Longitudinal Characterization of Cortical Lesion Development and Evolution in Multiple Sclerosis with 7.0-T MRI.Radiology 2019; 291(3):740-749R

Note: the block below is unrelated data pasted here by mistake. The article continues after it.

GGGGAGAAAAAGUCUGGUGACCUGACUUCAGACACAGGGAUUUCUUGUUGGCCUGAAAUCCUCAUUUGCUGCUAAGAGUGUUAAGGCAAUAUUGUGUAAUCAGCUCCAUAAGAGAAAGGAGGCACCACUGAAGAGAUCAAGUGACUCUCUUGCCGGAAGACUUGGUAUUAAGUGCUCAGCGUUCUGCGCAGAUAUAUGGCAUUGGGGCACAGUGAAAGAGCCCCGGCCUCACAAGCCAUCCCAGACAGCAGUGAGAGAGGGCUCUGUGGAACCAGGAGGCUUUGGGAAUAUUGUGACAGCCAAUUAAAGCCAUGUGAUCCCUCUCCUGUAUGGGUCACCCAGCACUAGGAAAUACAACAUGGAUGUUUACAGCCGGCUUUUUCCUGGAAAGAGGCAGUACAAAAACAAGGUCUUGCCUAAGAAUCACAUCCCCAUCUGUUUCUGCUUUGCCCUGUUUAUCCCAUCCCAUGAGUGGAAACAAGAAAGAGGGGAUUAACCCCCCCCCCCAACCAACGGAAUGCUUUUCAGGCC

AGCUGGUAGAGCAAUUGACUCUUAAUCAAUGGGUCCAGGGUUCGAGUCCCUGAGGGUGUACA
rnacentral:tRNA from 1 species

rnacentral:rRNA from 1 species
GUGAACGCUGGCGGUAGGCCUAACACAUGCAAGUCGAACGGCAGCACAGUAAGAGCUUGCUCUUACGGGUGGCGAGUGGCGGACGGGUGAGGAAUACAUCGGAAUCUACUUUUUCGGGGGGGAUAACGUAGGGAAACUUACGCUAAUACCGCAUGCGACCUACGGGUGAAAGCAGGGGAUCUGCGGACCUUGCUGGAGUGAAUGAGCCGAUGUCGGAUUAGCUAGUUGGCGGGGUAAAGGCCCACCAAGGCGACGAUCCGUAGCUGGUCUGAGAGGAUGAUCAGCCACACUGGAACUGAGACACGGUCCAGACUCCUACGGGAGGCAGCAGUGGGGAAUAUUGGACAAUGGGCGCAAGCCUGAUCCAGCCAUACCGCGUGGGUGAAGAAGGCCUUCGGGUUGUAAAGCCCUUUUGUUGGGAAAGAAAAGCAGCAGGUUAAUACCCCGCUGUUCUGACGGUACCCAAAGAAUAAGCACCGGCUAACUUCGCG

Background Cortical lesions develop early in multiple sclerosis (MS) and play a major role in disease progression. MRI at 7.0 T shows high sensitivity for detection of cortical lesions as well as better spatial resolution and signal-to-noise ratio compared with lower field strengths. Purpose To longitudinally characterize (a) the development and evolution of cortical lesions in multiple sclerosis across the cortical width, sulci, and gyri; (b) their relation with white matter lesion accrual; and (c) the contribution of 7.0-T cortical and white matter lesion load and cortical thickness to neurologic disability. Materials and Methods Twenty participants with relapsing-remitting MS and 13 with secondary progressive MS, along with 10 age-matched healthy controls, were prospectively recruited from 2010 to 2016 to acquire, in two imaging sessions (mean interval, 1.5 years), 7.0-T MRI T2*-weighted gradient-echo images (0.33 × 0.33 × 1.0 mm3) for cortical and white matter lesion segmentation and 3.0-T T1-weighted images for cortical surface reconstruction and cortical thickness estimation. Cortical lesions were sampled through the cortex to quantify cortical lesion distribution. The Expanded Disability Status Scale (EDSS) was used to assess neurologic disability. Nonparametric statistics assessed differences between and within groups in MRI metrics of cortical and white matter lesion burden; regression analysis explored associations of disability with MRI metrics. Results Twenty-five of 31 (81%) participants developed new cortical lesions per year (intracortical, 1.3 ± 1.7 vs leukocortical, 0.7 ± 1.9; P = .04), surpassing white matter lesion accrual (cortical, 2.0 ± 2.8 vs white matter, 0.7 ± 0.6; P = .01). In contrast to white matter lesions, cortical lesion accrual was greater in participants with secondary progressive MS than with relapsing-remitting MS (3.6 lesions/year ± 4.2 vs 1.1 lesions/year ± 0.9, respectively; P = .03) and preferentially localized in sulci. Total cortical lesion volume independently predicted baseline EDSS (β = 1.5, P < .001) and EDSS changes at follow-up (β = 0.5, P = .003). Conclusion Cortical lesions predominantly develop intracortically and within sulci, suggesting an inflammatory cerebrospinal fluid-mediated lesion pathogenesis. Cortical lesion accumulation was prominent at 7.0 T and independently predicted neurologic disability progression. © RSNA, 2019 Online supplemental material is available for this article. See also the editorial by Filippi and Rocca in this issue.